3. It seems you have not read my description of how FLS works, nor the link to the BoE's explanatory note. The government does not offer "money" under the FLS. It lends UK T-bills for a fee in return for less liquid collateral. Those T-bills can be used in the funding markets to reduce the cost of PRIVATE sector funding. Neither the government nor the BoE dish out money under the scheme. The fee for FLS T-bill borrowing is 0.25% rising by stages to 1.5% as a borrower reduces lending. Market funding costs have to fall by at least that much as a result of using higher-quality collateral for FLS to be worth while. The problem is that market funding costs have fallen ANYWAY, so there is much less benefit from FLS collateral. The FLS itself may have contributed to the general fall in sterling funding costs, but as I noted in the post, the extent of this is unknown.

      Regarding interest on savings. Eh? People always spend the interest on their savings when they get it, do they? I don't think so. Only people who rely on that interest for income will spend it. The rest will capitalise it. Of course money is fungible, and of course people see earned interest as part of their total wealth. But that has nothing to do with spending decisions.

      If FLS had worked as expected, the demand from increased borrowing should have outweighed the loss to savers. But you do not know to what extent the fall in rates to savers was due to FLS. There are other factors as well.

    4. Of course I read your blog carefully before commenting. Regardless of the technicalities, the purpose of the FFL is to lower the cost of money to banks and thereby increase their expected return on lending. This competes with retail savings deposits and reduces the price banks are willing to pay on them, which reduces the real incomes of all savers. This reduction in real incomes reduces aggregate demand. The question is whether or not any anticipated increase in loans could offset this fall. It is the net effect on aggregate demand that matters and that has not been addressed; it is assumed that the FFL will have only positive effects or, at worst, no effect. In fact the net effect may be to depress aggregate demand in the economy.

      Do you really think that changes in wealth and in real income in particular "has nothing to do with spending decisions"? Perhaps your next blog could elaborate on that rather worrying suggestion.

    5. I am not disagreeing with you about the negative effects to savers, although as I have now said several times it is by no means clear to what extent the fall in retail deposit interest rates is due to FLS. However, I dispute your conflation of wealth and income. When people's preference is to save - which is the case at the moment - they do not spend earned interest unless they have to. If they can, they add it to wealth. Therefore it is by no means clear that reducing rates to savers depresses demand, except in the case of the small group of savers who depend on interest on savings for their essential income. I am unconvinced that wealth effects necessarily encourage people to spend when the general economic mood is risk-averse and thrifty.

  2. The nonsense runs even deeper than Frances claims. That is, the immediate response to the crunch, which was brought about by excessive and irresponsible lending, was to cut interest rates so as to – er – encourage more lending.

    If we replaced M.P.s with inmates of lunatic asylums, my guess is we’d be better off.

  3. FLS is just another half-thought solution from the Treasury/BoE with main aim to support the ridiculous high house prices.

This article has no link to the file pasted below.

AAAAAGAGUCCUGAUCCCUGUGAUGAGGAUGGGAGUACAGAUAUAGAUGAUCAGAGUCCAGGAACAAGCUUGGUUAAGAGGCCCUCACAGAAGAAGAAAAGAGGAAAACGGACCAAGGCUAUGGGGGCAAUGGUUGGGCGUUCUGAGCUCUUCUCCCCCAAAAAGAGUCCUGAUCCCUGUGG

Any FTB buying into it, is destined to end up in negative equity (unless ofcourse the BoE decides to destroy all pensions and private savings by keeping the rates low for another two decades).

    The treasury should stop the half-baked solutions and should examine otherways of getting the economy rolling.
    -Reduce income taxes and introduce LVT taxes. This way low/middle incomes will have more disposable income while all the unearned land wealth will be taxed.
    -Tax land banks so builders will start building.

    I do disagree about the savers impact. The ISA/Fixed bonds rates have decreased substantially. Last year some banks were offering 4.25-5% and now i have not heard anything been offered above 2-3%.
    If this continues, it will have long term implications since people who would have saved would need now to drop into benefits and will have to be supported by the goverment.


  4. I was wondering if in the UK, you have all loans guaranteed by the government? I know in the USA, they are not yet all guaranteed, but I believe that is what the banks and the Fed ultimately want. All loans guaranteed would make them rated highly, even though they are pigs with ribbons on them.

    I wonder if the Fed is using the threat of negative interest rates as a catalyst for the government to take on this risk? Banks want risk free lending, Frances, as you have said elsewhere on this blog. So, is that the ultimate central bank blackmail and won't this wreck havoc on governments, forcing them to cut all other spending?

  5. @SK people who live off gilt coupons are already functionally supported by government. Reshuffling this support towards means tested channels should be cheaper as some have non gov income. Equivalently the government could just make gilt coupons means tested :-).

  6. My income has nose dived 70% solely thanks to FLS
    The same thing has happened to numerous friends who are now forced to sell homes they love and no they are not big expensive homes but small simple ones
    Without a shadow of doubt this governments deliberate attack on the millions of pensioners who have absolutely no option but to depend on savings income is criminal and treachury
    Many of them are widows who rely on life interest and cannot touch the capitol
    I can but hope the backlash against this government whose 3 principal members promised faithfully to help savers
    Instead they have totally decimated our lives and there is absolutely not onebiota of merit in FLS or destroying pensioners who were comfortable and at least able to spend and treat their grandchildren reduced to the most abject poverty